The H7N9 strain of the recent bird flu virus outbreak in China is an entirely new phenomenon. Just like other bird flu incidents in the past, it has appeared for the first time in humans and poses a considerable global health threat to the human population. Scientists and researchers all over the world are currently trying to act fast to determine a way to stop this from potentially spreading, although no human-to-human cases have been reported yet.
The H7N9 virus is a type of the bird flu virus (also known as avian influenza virus). Since it was reported, more than 131 victims have been identified, and sadly 36 deaths have been documented as of May 16, 2013. Most cases were as a result of people being in contact with poultry, although the latest research shows that there is a possibility that this might spread between humans since it has been shown to spread between ferrets in direct contact with each other.¹
The H7N9 strain of the bird flu virus has been reported to cause a range of conditions from conjunctivitis (an influenza-related condition that is not complicated) and upper respiratory tract disease all the way to multi-organ failure and pneumonia (extremely complicated conditions).²
The first two patients reported with the disease died from refractory hypoxemia and the third patient died from septic shock.2 The three patients were hospitalized from first to last at the Shanghai Public Health Clinical Center, the Shanghai Centers for Disease and Control, and the Anhui CDC.
The H7N9 strain of the bird flu virus is an immediate concern because there is currently no vaccine available as it is completely new. Also, the strains from the patients identified with this virus were isolated and genome sequencing was performed, resulting in an analysis that showed the RNA amino acid sites were evolving and undergoing reassortment within the human population.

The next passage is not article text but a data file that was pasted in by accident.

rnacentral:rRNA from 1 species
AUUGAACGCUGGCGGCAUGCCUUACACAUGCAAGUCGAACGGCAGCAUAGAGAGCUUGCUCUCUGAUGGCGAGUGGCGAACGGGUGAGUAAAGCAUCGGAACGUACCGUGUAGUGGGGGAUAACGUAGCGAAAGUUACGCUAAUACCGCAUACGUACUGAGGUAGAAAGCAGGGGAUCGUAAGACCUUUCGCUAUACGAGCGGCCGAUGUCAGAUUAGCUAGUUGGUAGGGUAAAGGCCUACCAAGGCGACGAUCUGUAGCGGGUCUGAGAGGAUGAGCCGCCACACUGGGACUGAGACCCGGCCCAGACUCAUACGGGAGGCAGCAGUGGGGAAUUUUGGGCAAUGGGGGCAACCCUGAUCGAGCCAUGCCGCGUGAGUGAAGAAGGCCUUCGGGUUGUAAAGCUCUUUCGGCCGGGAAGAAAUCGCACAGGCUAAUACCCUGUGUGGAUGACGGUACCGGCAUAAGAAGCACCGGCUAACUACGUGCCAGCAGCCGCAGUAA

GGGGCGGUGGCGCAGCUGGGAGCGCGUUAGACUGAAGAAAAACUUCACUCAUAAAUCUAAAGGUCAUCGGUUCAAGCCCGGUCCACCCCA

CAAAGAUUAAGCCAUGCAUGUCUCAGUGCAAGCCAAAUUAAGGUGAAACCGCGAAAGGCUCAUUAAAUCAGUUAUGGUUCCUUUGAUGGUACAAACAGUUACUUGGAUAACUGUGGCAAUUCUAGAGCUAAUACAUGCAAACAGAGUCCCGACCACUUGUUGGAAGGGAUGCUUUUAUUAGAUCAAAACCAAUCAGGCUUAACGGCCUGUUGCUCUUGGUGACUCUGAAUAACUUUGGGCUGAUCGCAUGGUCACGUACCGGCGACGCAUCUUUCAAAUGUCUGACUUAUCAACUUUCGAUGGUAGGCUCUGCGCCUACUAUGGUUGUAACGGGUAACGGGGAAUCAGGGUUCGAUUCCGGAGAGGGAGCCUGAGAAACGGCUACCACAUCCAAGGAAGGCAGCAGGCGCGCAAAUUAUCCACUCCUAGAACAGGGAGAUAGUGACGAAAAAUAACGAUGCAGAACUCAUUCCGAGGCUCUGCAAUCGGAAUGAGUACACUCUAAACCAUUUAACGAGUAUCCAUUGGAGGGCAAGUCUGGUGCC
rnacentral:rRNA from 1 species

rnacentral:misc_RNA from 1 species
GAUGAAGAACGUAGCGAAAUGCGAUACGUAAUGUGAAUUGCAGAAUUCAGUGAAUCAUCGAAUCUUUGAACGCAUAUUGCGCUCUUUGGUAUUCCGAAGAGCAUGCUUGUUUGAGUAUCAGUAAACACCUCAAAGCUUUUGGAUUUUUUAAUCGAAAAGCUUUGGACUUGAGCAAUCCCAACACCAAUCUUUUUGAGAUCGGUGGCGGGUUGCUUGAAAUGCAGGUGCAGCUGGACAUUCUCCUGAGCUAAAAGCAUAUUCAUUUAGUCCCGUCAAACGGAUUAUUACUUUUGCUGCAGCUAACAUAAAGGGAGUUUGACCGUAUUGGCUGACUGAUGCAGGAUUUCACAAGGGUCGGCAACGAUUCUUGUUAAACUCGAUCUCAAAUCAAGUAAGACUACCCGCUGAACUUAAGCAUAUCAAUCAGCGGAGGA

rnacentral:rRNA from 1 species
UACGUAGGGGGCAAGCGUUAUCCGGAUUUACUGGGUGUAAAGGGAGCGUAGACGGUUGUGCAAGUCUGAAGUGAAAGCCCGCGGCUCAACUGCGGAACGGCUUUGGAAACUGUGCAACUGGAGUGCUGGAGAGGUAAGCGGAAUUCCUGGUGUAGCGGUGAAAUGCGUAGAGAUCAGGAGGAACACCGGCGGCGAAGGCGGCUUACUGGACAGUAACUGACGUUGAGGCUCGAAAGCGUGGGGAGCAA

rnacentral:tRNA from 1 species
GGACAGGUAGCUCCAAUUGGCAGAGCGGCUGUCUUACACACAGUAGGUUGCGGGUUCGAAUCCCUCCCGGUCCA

Although the number of cases are decreasing due to the closure of many live poultry markets in China, there is still the immediate concern of possible human-to-human contract of the disease in the case of the development of the strain into something more harmful.
The amino acid substitutions of the H7N9 strain of the bird flu virus is a global health concern because out of all the former bird flu cases, this strain has a greater potential to infect mammals due to its ability to be transformed and mutated inside the human body.
A second global health risk is that there is low detectability due to the fact that this virus has not caused severe disease in poultry.³ This limits the ability of scientists and researchers to find out if the virus is in a group of live birds, and this further increases the global threat of the virus in the future.
The third and most important global health risk is the threat of a pandemic, which is an epidemic that is geographically wide-spread, occurring throughout a region and possibly throughout the entire world.
1. Brown E. H7N9 Bird Flu can pass Between Mammals, Researchers Find [Internet]. Los Angeles Times; 2013 May 23. Available from: http://www.latimes.com/news/science/sciencenow/la-sci-sn-bird-flu-h7n9-research-ferrets-webby-20130523,0,1212299.story
2. Rongbao Gao, Bin Cao, Yunwen Hu, et al. Human Infection with a Novel Avian-Origin Influenza A (H7N9 Virus). The New England Journal of Medicine. 2013 May 16. Available from: http://www.ncbi.nlm.nih.gov/books/NBK7281/
3. WHO Risk Assessment. Human Infections with Avian Influenza A(H7N9 Virus). 2013 May 10. Available from: http://www.who.int/influenza/human_animal_interface/influenza_h7n9/RiskAssessment_H7N9_10May13.pdf